a.1) You have the opportunity to go to Norfolk next month.
a.2) *There is the opportunity of your going to Norfolk next month.

b.1) *You have the possibility to go to Norfolk next month.
b.2) There is the possibility of your going to Norfolk next month.

How are these two words different in their own usage to refer to future events when they are used in sentences like those shown above?

Searching on Google would prove that a.1) and b.2) are grammatical, but a.2) and b.1) are not. If so, why?


First and foremost, all four of those sentences are in fact grammatically correct. What Google demonstrates is that a.2 and b.1 are really awkward and therefore much less common.

In terms of the implications of the words themselves:

Opportunity often implies that it is an offer being extend or provided to you by a specific entity or person who is providing you with means or privilege otherwise unavailable to you. Sometimes there is no other party offering the opportunity, but there is always the sense of urgency, that it is a limited time deal, something that must be seized or it will be lost. There is generally a positive connotation: an opportunity is a good thing, something to be excited about.

Possibility simple implies that it is something that can happen, either because you decide to make it happen or because circumstances cause it to happen. There is no implicit positive or negative connotation here. There is also no implicit implication of the likelihood of the event happening. If it is possible, it may or may not happen.

In general, opportunities imply possibility, but not the other way around. If you are given the opportunity to go to Norway, then of course it is possible. But if you lived within driving distance of Norway, you wouldn't usually refer to your possibility of driving there at any moment as an "opportunity".

Some examples:

There is a distinct possibility that I may lose my job next week, but I have been given the opportunity to work at an exclusive Swedish design firm, so I'm not too bummed.

I really needed to talk to my professor. He was a busy man, so this was nearly impossible, but I happened to see him walking alone one day, so I seized the opportunity.

Interestingly, this Ngram suggests that in fact the usage of "opportunity to go" and "opportunity of going" have reversed in the last 200 years, with both being approximately equal in use around AD 1890-1900.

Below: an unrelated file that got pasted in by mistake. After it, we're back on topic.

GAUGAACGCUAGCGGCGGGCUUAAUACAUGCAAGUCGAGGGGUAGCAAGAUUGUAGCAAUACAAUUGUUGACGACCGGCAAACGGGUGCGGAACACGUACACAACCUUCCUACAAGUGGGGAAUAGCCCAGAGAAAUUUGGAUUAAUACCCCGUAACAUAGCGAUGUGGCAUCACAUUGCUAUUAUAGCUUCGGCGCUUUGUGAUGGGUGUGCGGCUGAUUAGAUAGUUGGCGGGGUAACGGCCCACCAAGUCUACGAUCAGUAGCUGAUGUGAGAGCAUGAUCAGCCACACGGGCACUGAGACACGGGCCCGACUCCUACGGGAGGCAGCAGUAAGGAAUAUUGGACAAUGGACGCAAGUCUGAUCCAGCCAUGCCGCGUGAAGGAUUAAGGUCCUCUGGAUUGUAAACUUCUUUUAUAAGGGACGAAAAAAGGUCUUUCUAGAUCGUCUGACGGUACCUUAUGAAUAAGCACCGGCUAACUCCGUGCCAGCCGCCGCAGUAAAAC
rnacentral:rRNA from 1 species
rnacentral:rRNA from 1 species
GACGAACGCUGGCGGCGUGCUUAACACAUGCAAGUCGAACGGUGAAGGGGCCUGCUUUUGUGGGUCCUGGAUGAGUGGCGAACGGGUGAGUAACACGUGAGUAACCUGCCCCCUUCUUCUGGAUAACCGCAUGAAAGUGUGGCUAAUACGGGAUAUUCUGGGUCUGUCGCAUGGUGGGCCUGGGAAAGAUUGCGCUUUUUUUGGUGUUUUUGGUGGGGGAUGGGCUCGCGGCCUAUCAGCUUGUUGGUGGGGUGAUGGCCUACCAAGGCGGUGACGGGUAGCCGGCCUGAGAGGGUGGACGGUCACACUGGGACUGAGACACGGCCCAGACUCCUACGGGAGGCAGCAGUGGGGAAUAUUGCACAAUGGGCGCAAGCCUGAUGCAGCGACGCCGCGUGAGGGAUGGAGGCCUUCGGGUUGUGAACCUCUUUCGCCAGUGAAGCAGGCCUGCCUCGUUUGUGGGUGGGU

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Although opportunity and possibility have similar meaning, they are quite different by usage and grammar:

  • Possibility conveys a meaning that something might be true (both currently or in the future). It is used with of or that:

There is a possibility that our project will fail;
There is a possibility of project failure;

Note the former is a complete sentence but latter is a bare noun.

  • Opportunity conveys a meaning that it is possible for someone to accomplish some goal (because of the luck or changed circumstances). It is used with a verb phrase:

After graduation, I will have an opportunity to find a good job;


Despite the possibility of storms, I decided to take an opportunity to go to islands.

Note that opportunity usually means what someone is trying to accomplish, while possibility is just a matter or randomness.

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I would word your example sentences slightly differently. Specifically, I'd be more inclined to use an indefinite article, and I'd probably use the prepositional phrase of you going in lieu of of your going. Thus:

a.1) You have an opportunity to go to Norfolk next month.
a.2) *There is an opportunity of you going to Norfolk next month.

b.1) *You have a possibility to go to Norfolk next month.
b.2) There is a possibility of you going to Norfolk next month.

With that said, your hunch is correct about how possibility and opportunity should be used. Possibilities are more impersonal, and describe circumstances; opportunities are tied to something positive for an individual. One might say that people live among possibilities, but they have opportunities. So, I might write:

There's a possibility I will get a new job.


I have an opportunity to get a new job.

but I wouldn't swap those words in that context.

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